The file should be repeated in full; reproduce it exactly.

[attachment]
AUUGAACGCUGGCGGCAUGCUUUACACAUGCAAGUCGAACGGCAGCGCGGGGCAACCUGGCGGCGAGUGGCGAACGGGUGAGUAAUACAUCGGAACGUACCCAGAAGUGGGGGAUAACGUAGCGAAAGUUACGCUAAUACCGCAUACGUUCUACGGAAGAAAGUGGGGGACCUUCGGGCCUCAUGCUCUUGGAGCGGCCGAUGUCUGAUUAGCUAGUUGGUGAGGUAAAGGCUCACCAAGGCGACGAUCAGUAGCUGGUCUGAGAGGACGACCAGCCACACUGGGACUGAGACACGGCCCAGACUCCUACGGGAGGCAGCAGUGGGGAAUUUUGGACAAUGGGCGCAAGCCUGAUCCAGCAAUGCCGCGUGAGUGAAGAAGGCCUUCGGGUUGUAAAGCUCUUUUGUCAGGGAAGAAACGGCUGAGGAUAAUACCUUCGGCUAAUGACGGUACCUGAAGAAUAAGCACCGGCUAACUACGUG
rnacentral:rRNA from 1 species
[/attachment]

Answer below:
AUUGAACGCUGGCGGCAUGCUUUACACAUGCAAGUCGAACGGCAGCGCGGGGCAACCUGGCGGCGAGUGGCGAACGGGUGAGUAAUACAUCGGAACGUACCCAGAAGUGGGGGAUAACGUAGCGAAAGUUACGCUAAUACCGCAUACGUUCUACGGAAGAAAGUGGGGGACCUUCGGGCCUCAUGCUCUUGGAGCGGCCGAUGUCUGAUUAGCUAGUUGGUGAGGUAAAGGCUCACCAAGGCGACGAUCAGUAGCUGGUCUGAGAGGACGACCAGCCACACUGGGACUGAGACACGGCCCAGACUCCUACGGGAGGCAGCAGUGGGGAAUUUUGGACAAUGGGCGCAAGCCUGAUCCAGCAAUGCCGCGUGAGUGAAGAAGGCCUUCGGGUUGUAAAGCUCUUUUGUCAGGGAAGAAACGGCUGAGGAUAAUACCUUCGGCUAAUGACGGUACCUGAAGAAUAAGCACCGGCUAACUACGUG
rnacentral:rRNA from 1 species